Etiquette in Places of Worship

Notre dame noel 2006Sometimes we might find ourselves in a religious space that is not our own. Here are some very general tips to help you not embarrass yourself. Also, remember that even within a religion, there is a TON of variation, so consider these extremely general guidelines.

In General:

  • Be respectful of beliefs that are not your own.

  • Be quiet before and during all services-turn your phone off (and don’t dare use it unless an emergency), no talking or excessive rustling.

  • Follow along with whatever everyone else is doing if you are unsure.

  • Dress fairly conservatively, many places of worship require arms and legs to be covered (or have more specific requirements), even if visiting as a tourist. Check before you go.

  • If you are inviting a non-member to your place of worship, it would be kind to give them a rundown of what to expect and what is expected of them.

  • Don’t eat or drink, unless you are specifically offered something as part of the service.

Christian Churches:

  • Be very quiet even before services start, people use the time for reflection and prayer. In fact, you should almost never talk above a whisper in church as there are always people who wish to pray. Churches are very similar to libraries.

  • Stand when the congregation stands but you may sit while they kneel.

  • Communion: if you do not wish to participate, you can remain in the pew. If the pew is too narrow to allow this and let others pass, you can go up and cross your arms over your chest to signal that you are not participating. (Note: in the Catholic faith, only Catholics are allowed to receive communion, it is very disrespectful to take communion if you aren’t Catholic.)

  • You are welcome to follow along with the prayers, or to keep silent.

  • Don’t applaud after any music or singing.

  • There are many different denominations, so don’t expect every church to be exactly the same. Many have looser or stricter requirements.

  • Grace: you may be asked to say grace when dining in a Christian home. There are a number of well known graces you can say if you feel comfortable, but a general thanking of the host and talking about the beauty of the food is fine. If you want more of a “grace” feel, you could try this secularized version: “for what we are about to receive, let us be truly thankful. Amen.” If someone else is saying grace, follow along with everyone else and either bow your head or join hands respectfully and either say amen at the end, or say nothing.

Jewish Synagogues

  • At many synagogues, most men will be wearing a yarmulke (a small round hat, also known as a kippa). They may have extras for you to borrow. Apparently it is not required, but it strongly suggested in more conservative synagogues.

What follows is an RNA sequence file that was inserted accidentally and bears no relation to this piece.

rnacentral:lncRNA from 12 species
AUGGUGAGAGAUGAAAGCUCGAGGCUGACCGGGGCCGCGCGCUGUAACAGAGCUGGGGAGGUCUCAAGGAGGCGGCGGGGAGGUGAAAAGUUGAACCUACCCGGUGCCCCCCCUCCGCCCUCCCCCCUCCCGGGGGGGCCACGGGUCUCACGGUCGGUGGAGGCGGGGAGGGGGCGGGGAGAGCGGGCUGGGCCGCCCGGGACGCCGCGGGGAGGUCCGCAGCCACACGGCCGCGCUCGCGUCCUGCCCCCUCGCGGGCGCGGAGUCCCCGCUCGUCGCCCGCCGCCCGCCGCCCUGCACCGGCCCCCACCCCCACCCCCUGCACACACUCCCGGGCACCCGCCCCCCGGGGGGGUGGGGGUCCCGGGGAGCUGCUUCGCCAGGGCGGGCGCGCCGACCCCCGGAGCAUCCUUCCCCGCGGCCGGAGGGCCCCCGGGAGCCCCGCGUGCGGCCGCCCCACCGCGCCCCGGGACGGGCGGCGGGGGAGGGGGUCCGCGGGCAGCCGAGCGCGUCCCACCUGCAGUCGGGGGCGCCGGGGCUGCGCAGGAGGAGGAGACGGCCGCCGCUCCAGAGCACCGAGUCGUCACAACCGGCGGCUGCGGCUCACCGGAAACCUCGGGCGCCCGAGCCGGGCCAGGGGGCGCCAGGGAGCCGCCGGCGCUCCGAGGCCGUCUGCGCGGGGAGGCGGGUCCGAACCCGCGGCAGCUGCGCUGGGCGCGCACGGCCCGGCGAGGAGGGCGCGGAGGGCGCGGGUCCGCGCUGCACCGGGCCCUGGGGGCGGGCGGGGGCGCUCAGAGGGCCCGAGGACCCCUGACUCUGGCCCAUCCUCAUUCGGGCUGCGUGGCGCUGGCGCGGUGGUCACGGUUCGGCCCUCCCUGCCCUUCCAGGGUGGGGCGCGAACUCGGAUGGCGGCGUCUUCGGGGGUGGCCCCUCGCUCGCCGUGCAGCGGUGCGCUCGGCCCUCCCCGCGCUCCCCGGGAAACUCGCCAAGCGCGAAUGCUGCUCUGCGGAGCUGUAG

• There is a lot of standing and sitting, just go along with what everyone else is doing.

  • Services can last from 3-4 hours, so often people come and go and don’t stay for the entire time.

  • When the Ark is open, you shouldn’t enter or leave the sanctuary.

  • Don’t put prayer books on the floor.

  • Kiss anything that has fallen on the floor, like yarmulkes and prayer books.

  • It is inappropriate to applaud.

Muslim Mosques

  • Remove hats and shoes

  • Do not point your feet at the Qibla, the wall that aligns to the direction of Mecca.

  • Women are required to cover their heads, and everyone should cover as much skin as possible.

  • Sometimes there might be separate entrances or separate areas for men and women.

  • You may be greeted with the phrase “Assalam Allaikum” to which the correct response is “Wa alaikum-as-salam” though no one is really going to expect you to say it.

  • It is customary to enter with your right foot first and leave with your left foot first.

  • If you are a tourist, you should avoid coming to the mosque during the 5 daily prayer times.

Buddhist Shrines

  • Remove your hats and shoes.

  • Dress modestly, long pants are preferred to shorts.

  • Do not touch the Buddha statue. It is also respectful to back away from the Buddha statue a few paces before turning your back on it.

  • Pointing is very rude. If you need to indicate something, gesture with your whole RIGHT hand, palm up. Also don’t point your feet at any people or Buddhas.

  • If any monks or nuns enter while you are sitting, stand up.

  • Only use your right hand when giving or receiving anything.

  • Women should be careful not to touch a monk or to hand them anything directly as they must perform a lengthy cleansing ritual after any contact with a woman.

  • In the opposite style of a mosque, it is traditional to enter with your left foot and leave with your right foot.

  • You may greet monks by putting your palms together and bowing slightly.

Hindu Temple

  • You will usually need to take off your shoes. Many temples have cubbies outside where you can keep them, but if you’re worried about that, bring a bag and slip them in there.

  • There are generally pastes, flowers, and other objects that will be put on you. Be aware that you might get dirty.

  • Use only your right hand when making offerings.

  • There may be some places in the temple you are not allowed to go if you are not Hindu, so be aware that you may be blocked from entering certain rooms.


One thought on “Etiquette in Places of Worship

  1. Pingback: Musings On Religion, Holidays, and the In Laws | Uncommon Courtesy

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